Top-of-the-Week Links: Kunming, more on China state media calling Gary Locke a “banana,” and anti-terrorism legislation in Xinjiang

Memorials at Kunming station
Kunming Railway Station aftermath, via A World of Nonging

Kunming has seen better days. It’ll see great ones again, but we mourn for now. Links follow.


“Citizens throughout the world took to the Internet on Sunday to offer their condolences and prayers after a group of knife-wielding attackers killed at least 29 people and injured 130 others at the railway station in Kunming in southwest China.” (Global Voices)

“The attack will be a milestone event that marks a turning point of how ordinary Chinese people perceive situations in Xinjiang. Ethnic unrests, especially violent clashes between Han people and Uighur people, are not uncommon in this far western region of China. While the Chinese government has invariably portrayed all unrests as acts of separatism orchestrated by Islamist extremists, many Chinese people actually do acknowledge that violence by Uighurs, to a certain extent, is provoked by the government’s repressive policies and religion restrictions. // The Kunming train station attack, however, took away many people’s sympathy for the Uighurs.” (Offbeat China)

“The United Nations Security Council has condemned as a ‘terrorist attack’ the slashing rampage Saturday night in a train station in the southwestern city of Kunming, in which a group of black-clad assailants with knives and daggers killed at least 29 people and wounded 143. Hong Kong news outlets said about 75 of those may be severely injured.” (Sinosphere)

Candlelight vigil. (SCMP)

“China’s President Xi Jinping ordered a crackdown on ‘violent terrorist activities’ after 33 people died when knife-wielding assailants rampaged through a train station in a southwestern city on March 1.” (Bloomberg)

Photos. (WSJ)

“Kunming attack left off front pages of Chinese newspapers.” (That’s Online)

Knives used in attacks, via CNS via That’s Online:

Knives used in Kunming attack

On that racist farewell to Gary Locke. “Banana or Twinkie for ‘white-on-the-inside’ East Asian Americans, Oreo for African-Americans, coconut for South Asian-Americans, apple for Native Americans—these epithets are all products of the simplistic, groundless belief that one’s ‘race’ should correspond to a (rarely defined) set of behavioral norms, to a locus of identity and loyalty.” (Kaiser Kuo, ChinaFile)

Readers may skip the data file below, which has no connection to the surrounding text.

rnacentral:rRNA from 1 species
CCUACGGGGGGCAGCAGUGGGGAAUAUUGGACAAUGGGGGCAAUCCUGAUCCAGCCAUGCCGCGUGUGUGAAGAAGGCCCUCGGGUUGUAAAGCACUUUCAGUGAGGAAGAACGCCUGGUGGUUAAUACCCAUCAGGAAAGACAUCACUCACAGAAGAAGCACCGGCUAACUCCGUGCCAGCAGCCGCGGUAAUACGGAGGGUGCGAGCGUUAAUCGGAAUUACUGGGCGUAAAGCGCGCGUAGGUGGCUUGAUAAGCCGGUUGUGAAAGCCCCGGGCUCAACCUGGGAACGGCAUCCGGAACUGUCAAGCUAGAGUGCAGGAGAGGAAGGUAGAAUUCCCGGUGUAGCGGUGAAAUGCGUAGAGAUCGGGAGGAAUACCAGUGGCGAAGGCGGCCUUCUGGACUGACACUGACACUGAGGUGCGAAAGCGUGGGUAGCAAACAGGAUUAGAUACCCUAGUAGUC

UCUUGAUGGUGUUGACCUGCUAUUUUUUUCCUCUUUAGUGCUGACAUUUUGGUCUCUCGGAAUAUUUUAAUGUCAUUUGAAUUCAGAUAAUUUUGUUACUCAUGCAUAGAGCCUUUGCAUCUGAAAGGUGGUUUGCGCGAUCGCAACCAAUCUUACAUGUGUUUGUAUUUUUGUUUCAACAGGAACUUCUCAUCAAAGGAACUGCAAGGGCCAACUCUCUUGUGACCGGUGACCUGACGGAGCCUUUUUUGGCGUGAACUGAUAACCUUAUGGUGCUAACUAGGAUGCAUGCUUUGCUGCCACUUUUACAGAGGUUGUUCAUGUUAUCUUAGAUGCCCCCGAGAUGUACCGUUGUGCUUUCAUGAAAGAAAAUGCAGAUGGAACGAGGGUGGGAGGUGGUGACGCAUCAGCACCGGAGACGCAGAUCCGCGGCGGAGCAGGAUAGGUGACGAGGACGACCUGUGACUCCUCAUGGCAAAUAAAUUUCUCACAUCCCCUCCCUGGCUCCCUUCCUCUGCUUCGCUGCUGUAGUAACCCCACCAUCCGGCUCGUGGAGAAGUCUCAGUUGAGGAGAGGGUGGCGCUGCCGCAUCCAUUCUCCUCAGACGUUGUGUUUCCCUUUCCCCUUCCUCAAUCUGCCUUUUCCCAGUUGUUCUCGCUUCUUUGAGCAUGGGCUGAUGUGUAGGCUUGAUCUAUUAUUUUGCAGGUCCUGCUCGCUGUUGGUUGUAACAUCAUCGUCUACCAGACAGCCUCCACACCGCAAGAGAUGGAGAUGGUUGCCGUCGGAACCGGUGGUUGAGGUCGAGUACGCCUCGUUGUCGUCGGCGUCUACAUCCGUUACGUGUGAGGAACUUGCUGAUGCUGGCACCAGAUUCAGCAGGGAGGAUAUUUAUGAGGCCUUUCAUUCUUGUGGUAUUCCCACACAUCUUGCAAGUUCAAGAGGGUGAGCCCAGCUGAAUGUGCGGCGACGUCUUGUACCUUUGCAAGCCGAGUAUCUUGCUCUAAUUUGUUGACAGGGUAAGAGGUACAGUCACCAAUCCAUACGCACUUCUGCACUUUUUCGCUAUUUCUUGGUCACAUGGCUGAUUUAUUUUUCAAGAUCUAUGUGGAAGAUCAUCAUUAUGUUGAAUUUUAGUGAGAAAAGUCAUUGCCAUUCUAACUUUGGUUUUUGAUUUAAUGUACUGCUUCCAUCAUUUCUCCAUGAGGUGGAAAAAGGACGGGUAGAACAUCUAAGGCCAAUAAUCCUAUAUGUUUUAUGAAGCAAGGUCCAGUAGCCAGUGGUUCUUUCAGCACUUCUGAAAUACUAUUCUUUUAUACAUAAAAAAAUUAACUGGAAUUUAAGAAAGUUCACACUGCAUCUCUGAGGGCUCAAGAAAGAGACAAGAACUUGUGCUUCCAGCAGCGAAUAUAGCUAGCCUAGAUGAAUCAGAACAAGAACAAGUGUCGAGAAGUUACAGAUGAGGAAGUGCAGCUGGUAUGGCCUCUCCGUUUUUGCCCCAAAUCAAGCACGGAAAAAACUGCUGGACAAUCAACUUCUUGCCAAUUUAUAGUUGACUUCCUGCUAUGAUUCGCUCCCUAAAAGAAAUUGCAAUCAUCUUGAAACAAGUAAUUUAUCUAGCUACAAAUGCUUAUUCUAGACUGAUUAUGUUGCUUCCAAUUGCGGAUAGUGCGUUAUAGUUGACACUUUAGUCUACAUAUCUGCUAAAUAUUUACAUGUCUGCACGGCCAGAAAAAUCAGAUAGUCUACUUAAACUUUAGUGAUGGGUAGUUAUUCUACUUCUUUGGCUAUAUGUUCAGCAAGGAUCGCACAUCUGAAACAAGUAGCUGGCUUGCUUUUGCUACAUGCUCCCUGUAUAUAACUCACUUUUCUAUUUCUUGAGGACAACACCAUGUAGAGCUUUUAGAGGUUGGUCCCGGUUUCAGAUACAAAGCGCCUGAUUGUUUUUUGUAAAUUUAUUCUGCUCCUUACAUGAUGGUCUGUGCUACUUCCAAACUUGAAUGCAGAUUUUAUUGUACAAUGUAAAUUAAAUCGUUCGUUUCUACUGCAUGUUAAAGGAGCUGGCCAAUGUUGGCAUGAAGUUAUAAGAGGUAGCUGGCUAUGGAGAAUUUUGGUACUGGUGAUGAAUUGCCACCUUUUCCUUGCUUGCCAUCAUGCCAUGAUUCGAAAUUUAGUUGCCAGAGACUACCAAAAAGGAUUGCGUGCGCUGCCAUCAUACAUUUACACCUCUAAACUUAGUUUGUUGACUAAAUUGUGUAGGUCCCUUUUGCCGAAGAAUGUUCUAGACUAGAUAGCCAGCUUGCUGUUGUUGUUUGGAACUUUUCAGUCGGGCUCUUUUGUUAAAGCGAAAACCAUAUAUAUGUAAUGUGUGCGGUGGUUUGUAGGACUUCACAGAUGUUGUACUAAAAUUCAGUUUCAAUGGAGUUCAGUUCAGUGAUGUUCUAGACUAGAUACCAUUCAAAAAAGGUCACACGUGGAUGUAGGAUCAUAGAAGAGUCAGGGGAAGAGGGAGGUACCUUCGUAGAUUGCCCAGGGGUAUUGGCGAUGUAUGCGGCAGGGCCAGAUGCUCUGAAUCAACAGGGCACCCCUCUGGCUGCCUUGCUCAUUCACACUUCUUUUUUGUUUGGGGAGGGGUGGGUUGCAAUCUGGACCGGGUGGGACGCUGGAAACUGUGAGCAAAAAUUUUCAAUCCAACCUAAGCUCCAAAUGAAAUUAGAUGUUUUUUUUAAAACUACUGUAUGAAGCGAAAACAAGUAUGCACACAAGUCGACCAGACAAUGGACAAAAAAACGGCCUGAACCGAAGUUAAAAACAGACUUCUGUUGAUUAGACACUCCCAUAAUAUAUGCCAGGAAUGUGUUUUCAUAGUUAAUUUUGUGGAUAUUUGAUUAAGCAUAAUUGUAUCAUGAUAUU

Since the Oscars just happened and all. “Film producers who have watched the rapid growth of Hollywood’s interest in China’s film industry (mostly for its ready cash and its hungry, growing moviegoing public) are not surprised by Jia’s absence from the Oscars. It takes considerable money and marketing muscle to sculpt a contender in the eyes of the Academy members who nominate and then vote on the Oscar winners, says Janet Yang, who, in 1986, was on the first Hollywood studio delegation to China after the Cultural Revolution. // ‘How often has a foreign-language film ever been nominated for Best Picture?’ Yang asks, answering her own question. ‘Almost never.’” (Asia Society)

Guiyang bus arsonist. “A man suspected of starting a bus fire that killed six people was arrested on Friday, police with southwest China’s Guizhou Province told Xinhua. // The man, surnamed Su, ‘took revenge on society’ by igniting a barrel of gasoline on the bus, ending in tragedy, said the police source.” (Shanghai Daily)

Only returning the results a person really needs. “China has a new search engine today, though most web users won’t notice or ever visit it. The brand-new ChinaSo is a state-run search site that Sina Tech believes is run by the vice president of the Xinhua news agency, Zhou Xisheng.” (Tech in Asia)

Protest in Hong Kong. “Thousands of Hong Kong residents marched peacefully on Sunday to voice their support for press freedom and to denounce violence after a near-deadly assault on a former newspaper editor who has become a symbol of the pressures squeezing the local news media. // The protesters, led by journalists and joined by students, political activists and even taxi drivers, heard speakers calling for respect for the rule of law and for a strong government effort to find whoever was responsible for the assault on Kevin Lau Chun-to, the former chief editor of the newspaper Ming Pao.” (NY Times)

Victims speak interlude:


“Man I Love House of Cards,” by Bo Xilai. (Ministry of Harmony)

“Wanted: Women in Hong Kong with Tattoos – Hong Kong Ink.” (Hongkie Town)

Story published the day before the Kunming attack: “Xinjiang mulls anti-terrorism laws.” (China Daily)

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